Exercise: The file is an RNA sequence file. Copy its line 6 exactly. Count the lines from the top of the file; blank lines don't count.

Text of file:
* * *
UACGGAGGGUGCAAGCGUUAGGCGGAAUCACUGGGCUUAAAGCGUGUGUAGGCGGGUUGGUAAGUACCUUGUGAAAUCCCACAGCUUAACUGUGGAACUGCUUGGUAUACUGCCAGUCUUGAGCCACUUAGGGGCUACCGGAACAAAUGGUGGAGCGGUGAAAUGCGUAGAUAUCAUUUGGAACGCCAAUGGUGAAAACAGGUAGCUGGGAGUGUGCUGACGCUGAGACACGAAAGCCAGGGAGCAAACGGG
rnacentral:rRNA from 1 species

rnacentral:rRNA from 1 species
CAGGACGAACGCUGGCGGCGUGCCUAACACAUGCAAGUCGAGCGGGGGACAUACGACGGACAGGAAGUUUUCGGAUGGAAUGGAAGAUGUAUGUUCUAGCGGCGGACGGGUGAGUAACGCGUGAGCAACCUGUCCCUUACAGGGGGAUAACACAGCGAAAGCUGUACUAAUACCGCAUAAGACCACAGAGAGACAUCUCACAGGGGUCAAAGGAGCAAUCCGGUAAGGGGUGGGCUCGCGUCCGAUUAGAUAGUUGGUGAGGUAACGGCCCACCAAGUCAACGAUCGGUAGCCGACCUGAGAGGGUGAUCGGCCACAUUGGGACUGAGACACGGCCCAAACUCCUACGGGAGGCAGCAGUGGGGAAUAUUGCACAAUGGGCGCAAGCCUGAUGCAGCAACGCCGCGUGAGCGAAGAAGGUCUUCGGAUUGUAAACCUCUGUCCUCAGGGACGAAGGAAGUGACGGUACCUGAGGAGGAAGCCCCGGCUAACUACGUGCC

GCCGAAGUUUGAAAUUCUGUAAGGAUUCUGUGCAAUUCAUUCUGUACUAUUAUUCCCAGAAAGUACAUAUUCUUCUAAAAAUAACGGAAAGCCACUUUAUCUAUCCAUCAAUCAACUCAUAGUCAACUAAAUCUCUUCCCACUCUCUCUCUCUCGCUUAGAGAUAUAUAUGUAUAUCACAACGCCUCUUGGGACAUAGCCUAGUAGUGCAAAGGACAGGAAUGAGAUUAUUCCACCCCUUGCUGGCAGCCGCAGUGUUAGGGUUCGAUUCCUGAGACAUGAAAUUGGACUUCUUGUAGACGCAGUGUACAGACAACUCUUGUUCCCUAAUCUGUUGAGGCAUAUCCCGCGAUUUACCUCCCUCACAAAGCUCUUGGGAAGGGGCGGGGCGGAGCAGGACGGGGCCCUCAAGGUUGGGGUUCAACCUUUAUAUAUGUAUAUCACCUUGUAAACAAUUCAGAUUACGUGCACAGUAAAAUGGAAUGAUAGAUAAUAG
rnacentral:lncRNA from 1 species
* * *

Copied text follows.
rnacentral:lncRNA from 1 species